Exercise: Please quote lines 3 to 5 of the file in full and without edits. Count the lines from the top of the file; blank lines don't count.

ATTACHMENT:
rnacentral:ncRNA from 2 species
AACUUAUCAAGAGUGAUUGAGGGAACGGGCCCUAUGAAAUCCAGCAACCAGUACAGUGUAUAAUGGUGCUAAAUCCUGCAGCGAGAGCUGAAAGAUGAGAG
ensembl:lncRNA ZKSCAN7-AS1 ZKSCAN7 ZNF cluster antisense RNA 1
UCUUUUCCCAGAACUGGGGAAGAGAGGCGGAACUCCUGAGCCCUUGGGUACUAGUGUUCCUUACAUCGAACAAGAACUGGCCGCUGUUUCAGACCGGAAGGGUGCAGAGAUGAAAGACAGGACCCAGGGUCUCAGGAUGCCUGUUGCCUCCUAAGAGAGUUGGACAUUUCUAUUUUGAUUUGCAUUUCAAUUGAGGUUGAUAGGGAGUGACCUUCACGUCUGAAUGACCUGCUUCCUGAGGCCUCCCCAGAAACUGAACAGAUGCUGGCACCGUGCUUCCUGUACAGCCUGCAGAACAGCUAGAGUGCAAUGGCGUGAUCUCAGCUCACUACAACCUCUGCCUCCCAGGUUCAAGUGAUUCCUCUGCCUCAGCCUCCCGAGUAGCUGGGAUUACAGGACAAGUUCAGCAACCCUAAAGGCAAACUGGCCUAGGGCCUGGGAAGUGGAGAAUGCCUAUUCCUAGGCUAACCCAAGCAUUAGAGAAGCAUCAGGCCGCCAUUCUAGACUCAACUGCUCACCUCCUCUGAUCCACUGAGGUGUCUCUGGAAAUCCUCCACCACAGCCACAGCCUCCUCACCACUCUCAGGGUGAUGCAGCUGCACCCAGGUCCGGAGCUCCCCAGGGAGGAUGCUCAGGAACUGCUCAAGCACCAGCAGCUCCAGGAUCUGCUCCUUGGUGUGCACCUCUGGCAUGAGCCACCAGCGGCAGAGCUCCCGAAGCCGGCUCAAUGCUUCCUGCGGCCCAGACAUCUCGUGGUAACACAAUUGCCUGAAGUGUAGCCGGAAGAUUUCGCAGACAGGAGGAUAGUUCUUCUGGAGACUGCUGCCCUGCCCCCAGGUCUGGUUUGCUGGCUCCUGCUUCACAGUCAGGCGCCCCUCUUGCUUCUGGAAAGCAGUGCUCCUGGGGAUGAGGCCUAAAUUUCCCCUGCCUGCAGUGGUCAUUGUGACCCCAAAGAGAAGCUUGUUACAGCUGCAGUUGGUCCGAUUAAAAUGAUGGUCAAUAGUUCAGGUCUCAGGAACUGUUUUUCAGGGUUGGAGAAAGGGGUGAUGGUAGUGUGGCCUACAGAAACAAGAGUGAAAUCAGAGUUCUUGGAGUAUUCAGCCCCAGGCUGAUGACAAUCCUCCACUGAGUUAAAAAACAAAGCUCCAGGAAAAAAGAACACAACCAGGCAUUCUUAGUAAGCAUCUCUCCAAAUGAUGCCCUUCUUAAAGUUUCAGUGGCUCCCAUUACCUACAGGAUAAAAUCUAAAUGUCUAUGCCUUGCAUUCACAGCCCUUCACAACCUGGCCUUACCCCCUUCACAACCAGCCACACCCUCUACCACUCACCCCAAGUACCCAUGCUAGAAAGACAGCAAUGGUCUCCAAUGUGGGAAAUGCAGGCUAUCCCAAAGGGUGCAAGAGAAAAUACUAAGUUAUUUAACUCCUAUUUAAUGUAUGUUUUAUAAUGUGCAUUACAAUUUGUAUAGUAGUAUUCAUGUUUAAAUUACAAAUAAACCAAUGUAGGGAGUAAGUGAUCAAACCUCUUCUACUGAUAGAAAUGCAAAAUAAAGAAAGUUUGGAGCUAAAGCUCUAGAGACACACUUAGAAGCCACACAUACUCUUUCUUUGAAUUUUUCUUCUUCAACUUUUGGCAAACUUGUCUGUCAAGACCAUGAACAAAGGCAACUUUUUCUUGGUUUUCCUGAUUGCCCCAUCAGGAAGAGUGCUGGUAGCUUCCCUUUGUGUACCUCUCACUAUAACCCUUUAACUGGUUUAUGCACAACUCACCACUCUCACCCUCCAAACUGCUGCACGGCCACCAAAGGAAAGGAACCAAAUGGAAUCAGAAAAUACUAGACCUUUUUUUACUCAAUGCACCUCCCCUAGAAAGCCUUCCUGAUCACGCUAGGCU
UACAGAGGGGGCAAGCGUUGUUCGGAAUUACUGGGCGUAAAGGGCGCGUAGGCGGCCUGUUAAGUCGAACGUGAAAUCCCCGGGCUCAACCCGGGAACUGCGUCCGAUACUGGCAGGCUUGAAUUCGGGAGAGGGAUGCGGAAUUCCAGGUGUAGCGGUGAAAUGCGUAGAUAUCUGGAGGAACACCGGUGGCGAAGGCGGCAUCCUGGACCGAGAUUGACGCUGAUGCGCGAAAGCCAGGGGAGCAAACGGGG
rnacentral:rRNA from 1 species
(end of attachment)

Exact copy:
ensembl:lncRNA ZKSCAN7-AS1 ZKSCAN7 ZNF cluster antisense RNA 1
UCUUUUCCCAGAACUGGGGAAGAGAGGCGGAACUCCUGAGCCCUUGGGUACUAGUGUUCCUUACAUCGAACAAGAACUGGCCGCUGUUUCAGACCGGAAGGGUGCAGAGAUGAAAGACAGGACCCAGGGUCUCAGGAUGCCUGUUGCCUCCUAAGAGAGUUGGACAUUUCUAUUUUGAUUUGCAUUUCAAUUGAGGUUGAUAGGGAGUGACCUUCACGUCUGAAUGACCUGCUUCCUGAGGCCUCCCCAGAAACUGAACAGAUGCUGGCACCGUGCUUCCUGUACAGCCUGCAGAACAGCUAGAGUGCAAUGGCGUGAUCUCAGCUCACUACAACCUCUGCCUCCCAGGUUCAAGUGAUUCCUCUGCCUCAGCCUCCCGAGUAGCUGGGAUUACAGGACAAGUUCAGCAACCCUAAAGGCAAACUGGCCUAGGGCCUGGGAAGUGGAGAAUGCCUAUUCCUAGGCUAACCCAAGCAUUAGAGAAGCAUCAGGCCGCCAUUCUAGACUCAACUGCUCACCUCCUCUGAUCCACUGAGGUGUCUCUGGAAAUCCUCCACCACAGCCACAGCCUCCUCACCACUCUCAGGGUGAUGCAGCUGCACCCAGGUCCGGAGCUCCCCAGGGAGGAUGCUCAGGAACUGCUCAAGCACCAGCAGCUCCAGGAUCUGCUCCUUGGUGUGCACCUCUGGCAUGAGCCACCAGCGGCAGAGCUCCCGAAGCCGGCUCAAUGCUUCCUGCGGCCCAGACAUCUCGUGGUAACACAAUUGCCUGAAGUGUAGCCGGAAGAUUUCGCAGACAGGAGGAUAGUUCUUCUGGAGACUGCUGCCCUGCCCCCAGGUCUGGUUUGCUGGCUCCUGCUUCACAGUCAGGCGCCCCUCUUGCUUCUGGAAAGCAGUGCUCCUGGGGAUGAGGCCUAAAUUUCCCCUGCCUGCAGUGGUCAUUGUGACCCCAAAGAGAAGCUUGUUACAGCUGCAGUUGGUCCGAUUAAAAUGAUGGUCAAUAGUUCAGGUCUCAGGAACUGUUUUUCAGGGUUGGAGAAAGGGGUGAUGGUAGUGUGGCCUACAGAAACAAGAGUGAAAUCAGAGUUCUUGGAGUAUUCAGCCCCAGGCUGAUGACAAUCCUCCACUGAGUUAAAAAACAAAGCUCCAGGAAAAAAGAACACAACCAGGCAUUCUUAGUAAGCAUCUCUCCAAAUGAUGCCCUUCUUAAAGUUUCAGUGGCUCCCAUUACCUACAGGAUAAAAUCUAAAUGUCUAUGCCUUGCAUUCACAGCCCUUCACAACCUGGCCUUACCCCCUUCACAACCAGCCACACCCUCUACCACUCACCCCAAGUACCCAUGCUAGAAAGACAGCAAUGGUCUCCAAUGUGGGAAAUGCAGGCUAUCCCAAAGGGUGCAAGAGAAAAUACUAAGUUAUUUAACUCCUAUUUAAUGUAUGUUUUAUAAUGUGCAUUACAAUUUGUAUAGUAGUAUUCAUGUUUAAAUUACAAAUAAACCAAUGUAGGGAGUAAGUGAUCAAACCUCUUCUACUGAUAGAAAUGCAAAAUAAAGAAAGUUUGGAGCUAAAGCUCUAGAGACACACUUAGAAGCCACACAUACUCUUUCUUUGAAUUUUUCUUCUUCAACUUUUGGCAAACUUGUCUGUCAAGACCAUGAACAAAGGCAACUUUUUCUUGGUUUUCCUGAUUGCCCCAUCAGGAAGAGUGCUGGUAGCUUCCCUUUGUGUACCUCUCACUAUAACCCUUUAACUGGUUUAUGCACAACUCACCACUCUCACCCUCCAAACUGCUGCACGGCCACCAAAGGAAAGGAACCAAAUGGAAUCAGAAAAUACUAGACCUUUUUUUACUCAAUGCACCUCCCCUAGAAAGCCUUCCUGAUCACGCUAGGCU
UACAGAGGGGGCAAGCGUUGUUCGGAAUUACUGGGCGUAAAGGGCGCGUAGGCGGCCUGUUAAGUCGAACGUGAAAUCCCCGGGCUCAACCCGGGAACUGCGUCCGAUACUGGCAGGCUUGAAUUCGGGAGAGGGAUGCGGAAUUCCAGGUGUAGCGGUGAAAUGCGUAGAUAUCUGGAGGAACACCGGUGGCGAAGGCGGCAUCCUGGACCGAGAUUGACGCUGAUGCGCGAAAGCCAGGGGAGCAAACGGGG